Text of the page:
When my daughter married, and she and our son-in-law came to visit, he treated their coughs and colds, too, and stomach ailments. They swore by his treatment.

Dr Suresh is a doctor of vast experience; when he finds something wrong in a patient that is out of the ordinary, he immediately lets us know and refers us to the specialist in the field. This happened with at least three friends of mine…one brought his wife, who was promptly diagnosed with stomach cancer; and two more major ailments.

And now, I took my grandchildren also to him. True to form, he did not prescribe antibiotics for my son in law or my grand-daughter, but said that my grandson did have a bacterial infection which needed to be treated with antibiotics. This is something I like very much in him…he does not prescribe medicines unnecessarily….another rarity in today’s world. He’s much more likely to dose us with some of the tablets on his desk, and by the time we go back for a repeat consultation 3 days later, we are cured!


Dr Suresh continues to be a General Physician….he does not aspire to be a specialist, but his wide experience of seeing patients stands him in good stead in treating people. He is most unusual, and to me, worthy of great respect, that he has continued in this same location, for the past 35 years (at least)…and preserves the quality of his life by taking days off on birthdays and his wedding anniversary. I do not know his wife, son, and daughter (and their families) personally…but I feel that they must be lucky, indeed, to have such a wise and contented person.

I salute this physician who has become that rare wonder, the Family Physician. Doctors like him are very, very rare, and I hope Dr Suresh a very long, happy and healthy life, bringing health and happiness to all the patients he treats!

The blood group must be your motto…….B+ .

September 9, 2013

There’s nothing the matter with me,
I’m just as healthy as can be,

I have arthritis in both knees,
And when I talk, I talk with a wheeze.

My pulse is weak, my blood is thin,
But I’m awfully well for the shape I’m in.

All my teeth have had to come out,
And my diet I hate to think about.

I’m overweight and I can’t get thin,
But I’m awfully well for the shape I’m in

And arch supports I need for my feet.
Or I wouldn’t be able to go out in the street.

Sleep is denied me night after night,
But every morning I find I’m all right.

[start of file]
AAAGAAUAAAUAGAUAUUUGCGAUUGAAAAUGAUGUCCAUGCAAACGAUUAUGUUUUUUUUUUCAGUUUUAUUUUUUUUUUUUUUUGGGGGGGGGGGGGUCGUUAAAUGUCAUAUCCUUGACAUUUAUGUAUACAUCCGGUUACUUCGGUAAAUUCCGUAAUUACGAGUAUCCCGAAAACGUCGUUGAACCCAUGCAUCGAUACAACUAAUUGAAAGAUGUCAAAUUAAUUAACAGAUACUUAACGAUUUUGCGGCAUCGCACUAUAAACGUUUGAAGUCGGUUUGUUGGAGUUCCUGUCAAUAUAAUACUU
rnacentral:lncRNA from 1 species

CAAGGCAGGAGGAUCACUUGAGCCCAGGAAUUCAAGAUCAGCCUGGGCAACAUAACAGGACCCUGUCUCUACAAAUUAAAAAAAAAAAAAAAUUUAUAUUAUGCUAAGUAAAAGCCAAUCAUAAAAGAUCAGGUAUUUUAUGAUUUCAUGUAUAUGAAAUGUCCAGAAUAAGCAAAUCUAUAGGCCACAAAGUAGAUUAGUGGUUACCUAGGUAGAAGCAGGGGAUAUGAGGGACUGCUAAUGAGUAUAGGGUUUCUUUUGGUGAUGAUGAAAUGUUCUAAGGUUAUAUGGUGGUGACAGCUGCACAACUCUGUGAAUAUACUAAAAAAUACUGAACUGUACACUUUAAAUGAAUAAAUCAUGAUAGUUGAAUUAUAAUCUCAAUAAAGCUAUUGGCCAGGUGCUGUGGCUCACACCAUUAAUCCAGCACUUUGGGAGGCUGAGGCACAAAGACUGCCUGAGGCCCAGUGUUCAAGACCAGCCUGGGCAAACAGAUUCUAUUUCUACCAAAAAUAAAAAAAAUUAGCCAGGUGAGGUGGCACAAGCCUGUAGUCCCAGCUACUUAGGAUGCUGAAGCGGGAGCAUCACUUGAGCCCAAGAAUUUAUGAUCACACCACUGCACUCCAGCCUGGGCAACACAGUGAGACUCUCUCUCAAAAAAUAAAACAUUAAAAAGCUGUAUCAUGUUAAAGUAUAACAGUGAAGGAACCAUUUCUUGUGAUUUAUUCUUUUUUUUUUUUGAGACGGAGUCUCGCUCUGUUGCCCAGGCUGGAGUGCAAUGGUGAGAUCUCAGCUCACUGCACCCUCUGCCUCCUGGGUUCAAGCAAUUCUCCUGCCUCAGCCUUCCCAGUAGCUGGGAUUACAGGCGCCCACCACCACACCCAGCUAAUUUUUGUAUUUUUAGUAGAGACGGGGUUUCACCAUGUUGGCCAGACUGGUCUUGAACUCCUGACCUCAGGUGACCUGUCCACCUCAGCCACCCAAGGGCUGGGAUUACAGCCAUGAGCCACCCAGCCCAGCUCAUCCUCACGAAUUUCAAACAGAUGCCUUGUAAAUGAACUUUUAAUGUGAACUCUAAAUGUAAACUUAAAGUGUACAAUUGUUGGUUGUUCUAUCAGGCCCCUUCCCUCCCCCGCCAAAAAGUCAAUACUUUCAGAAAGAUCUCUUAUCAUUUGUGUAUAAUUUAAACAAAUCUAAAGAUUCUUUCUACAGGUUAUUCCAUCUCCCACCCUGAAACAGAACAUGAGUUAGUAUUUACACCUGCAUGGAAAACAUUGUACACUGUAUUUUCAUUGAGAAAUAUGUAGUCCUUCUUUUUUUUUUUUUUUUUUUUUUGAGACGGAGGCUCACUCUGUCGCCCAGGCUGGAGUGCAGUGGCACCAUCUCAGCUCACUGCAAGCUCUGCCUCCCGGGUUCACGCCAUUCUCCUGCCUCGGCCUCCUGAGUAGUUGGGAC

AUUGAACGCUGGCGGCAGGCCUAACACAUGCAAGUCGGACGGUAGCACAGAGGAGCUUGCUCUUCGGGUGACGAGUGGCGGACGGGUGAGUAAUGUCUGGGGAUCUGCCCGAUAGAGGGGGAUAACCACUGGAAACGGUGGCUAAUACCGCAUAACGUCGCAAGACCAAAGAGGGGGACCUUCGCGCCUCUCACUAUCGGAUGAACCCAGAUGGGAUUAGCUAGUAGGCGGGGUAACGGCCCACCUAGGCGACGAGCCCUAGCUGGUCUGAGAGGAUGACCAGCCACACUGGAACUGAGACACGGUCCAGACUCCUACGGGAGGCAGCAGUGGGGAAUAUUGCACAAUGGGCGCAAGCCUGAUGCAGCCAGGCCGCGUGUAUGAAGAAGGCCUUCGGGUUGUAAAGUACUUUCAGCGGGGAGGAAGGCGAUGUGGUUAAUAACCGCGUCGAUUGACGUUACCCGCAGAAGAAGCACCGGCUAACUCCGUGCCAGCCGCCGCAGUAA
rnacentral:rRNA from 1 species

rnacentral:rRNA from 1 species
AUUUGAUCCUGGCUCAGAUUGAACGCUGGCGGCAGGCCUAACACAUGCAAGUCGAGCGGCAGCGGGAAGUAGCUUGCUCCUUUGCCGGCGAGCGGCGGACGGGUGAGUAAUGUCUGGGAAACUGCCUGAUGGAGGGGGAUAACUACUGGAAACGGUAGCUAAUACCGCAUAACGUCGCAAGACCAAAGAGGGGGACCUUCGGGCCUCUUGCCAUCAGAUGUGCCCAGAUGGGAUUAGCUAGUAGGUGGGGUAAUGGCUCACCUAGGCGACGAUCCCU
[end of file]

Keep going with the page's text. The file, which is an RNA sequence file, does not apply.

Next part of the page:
My memory’s failing, my head’s in a spin.
But I’m awfully well for the shape I’m in.

Old age is golden I’ve heard it said,
But sometimes I wonder, as I go to bed.

With my ears in a drawer, my teeth in a cup,
And my glasses on a shelf, until I get up.

And when sleep dims my eyes, I say to myself,
Is there anything else I should lay on the shelf?

The reason I know my Youth has been spent,
Is my get-up-and-go has got-up-and-went!

But really I don’t mind, when I think with a grin,
Of all the places my get-up has been.

I get up each morning and dust off my wits,
Pick up the paper and read the obits.

If my name is missing, I’m therefore not dead,
So I eat a good breakfast and jump back into bed.

The moral of this as the tale unfolds,
Is that for you and me, who are growing old.

It is better to say “I’m fine” with a grin,
Than to let people know the shape we are in.

Boarding the Treatment Train to the Terminus of Good Health

August 13, 2013

Life has a way of suddenly rearing up and throwing stink-bombs at you….a young friend of mine (25 years old!) has been diagnosed with a 2-cm hole in the heart, which, by virtue of its position, needs major surgery for closure (sometimes such holes can be fixed laparoscopically.) In the course of the diagnosis, diabetes was also discovered, and the path towards surgery has become further complicated. I feel miserable that I am so far away from this young couple at this time. However, the internet allows me to keep in touch, and I wrote to them, likening their lives now to a train journey….the Passenger Train to the Good Health Terminus.

I feel this simile is apt, because once ill health strikes, there is the hopeful journey forward towards eventual good health…but it will have a lot of stops along the way, like a passenger train. There will be good stations, and bad ones…good things, and not-so-good things, will happen. But the train will go rolling on….

Another thing I have found, while dealing with projected plans of action, is that “healthy (pun intended) pessimism” works for me. I *expect* delays and checks…so if they happen, yes, I can take them in my stride…and if they don’t…I feel happy that this part of the journey is smoothly accomplished.

Having said this…I think that it is NOT easy to continuously feel positive. There are the doubts, the “why me”, and the “what if”. They keep rising like thickets of weeds, in our mind. It’s a constant